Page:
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Classroom Happenings: Rich Discoveries

The Steward School
Exploring the dimensions of literature
Steward students learn to make meaningful connections in all sorts of ways. For Upper Schoolers in English Teacher Stephanie Arnold’s World Literature class, being well-read also means being well-fed. Ms. Arnold and Bryan Innovation Lab Program Specialist Megan Young have been collaborating this school year to offer tenth graders new perspectives about literature. 

Ms. Arnold’s students recently read “The Paper Menagerie,” a short story by Chinese-American author Ken Liu that examines the themes of culture and identity. After reading the story, the students harvested bok choy, carrots, and herbs in the Bryan Innovation Lab community garden under the direction of Ms. Young. Then, these budding chefs chopped and sauteed their way to delicious homemade ramen and potstickers in the Bryan Lab’s kitchen. “Exploring literature becomes an even richer discovery when students can enjoy the sensory experience of cooking and eating the foods associated with a written work,” said Ms. Arnold.  

Ms. Young noted, “This year-long collaboration is a perfect example of how the Bryan Lab can inspire experiential learning. We bring these stories to life with produce from the garden, an educational kitchen, access to innovative materials, and large spaces for group work. These are rich, hands-on experiences that cannot be created within the traditional classroom.”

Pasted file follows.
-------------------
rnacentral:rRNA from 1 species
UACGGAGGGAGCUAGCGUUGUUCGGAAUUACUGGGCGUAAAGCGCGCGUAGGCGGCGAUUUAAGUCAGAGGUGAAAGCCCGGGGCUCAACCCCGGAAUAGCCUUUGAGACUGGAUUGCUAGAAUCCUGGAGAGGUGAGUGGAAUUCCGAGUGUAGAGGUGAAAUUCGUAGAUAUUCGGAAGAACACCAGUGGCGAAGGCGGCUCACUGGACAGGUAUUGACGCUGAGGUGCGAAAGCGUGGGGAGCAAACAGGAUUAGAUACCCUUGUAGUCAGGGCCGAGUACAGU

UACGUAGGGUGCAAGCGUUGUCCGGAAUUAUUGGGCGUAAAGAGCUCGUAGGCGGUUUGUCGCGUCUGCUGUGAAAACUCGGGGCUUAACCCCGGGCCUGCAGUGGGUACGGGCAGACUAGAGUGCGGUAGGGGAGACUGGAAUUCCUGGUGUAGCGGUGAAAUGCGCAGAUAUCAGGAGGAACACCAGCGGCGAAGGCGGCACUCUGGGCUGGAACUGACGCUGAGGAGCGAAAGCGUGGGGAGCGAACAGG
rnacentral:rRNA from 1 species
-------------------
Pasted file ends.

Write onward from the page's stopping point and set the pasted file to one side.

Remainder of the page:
Last fall, Ms. Arnold’s class read “Oedipus” and wrote essays on the play and its mythology. They also cooked a delicious Greek feast in the Bryan Innovation Lab kitchen. They dined on eggs prepared with feta and fresh herbs; pita; tzatziki; Greek olives; dolma; and spanakopita … plus a special treat: homemade baklava baked by Oren Ziehl ’25. In the Bryan Lab’s Makerspace, they used acrylic paint pens to create traditional Greek motifs on small terra cotta vases.

In the coming weeks, Ms. Arnold’s students will read “Things Fall Apart,” a novel by author Chinua Achebe that depicts pre-colonial life in southeastern Nigeria. After writing analytic essays about the book, students will cook a Nigerian meal in the Bryan Lab kitchen, complete with Kola nuts, Yam Foo-Foo, and other dishes mentioned in the text. They will also hand-dye reusable canvas bags using a traditional Nigerian technique that uses wax-resist methods to produce patterned designs. This technique, known as adire, is used by the Yoruba peoples of southwestern Nigeria. 

At the end of the school year, the students will translate Chinese poetry and work with a local artist to create calligraphy using Chinese characters.  

“In addition to building their reading comprehension skills and refining their writing skills, we want the students to build personal connections from the literature to their lives,” noted Ms. Arnold. “Activities such as cooking and creating art help students connect with the course content and remember the experience fondly.”

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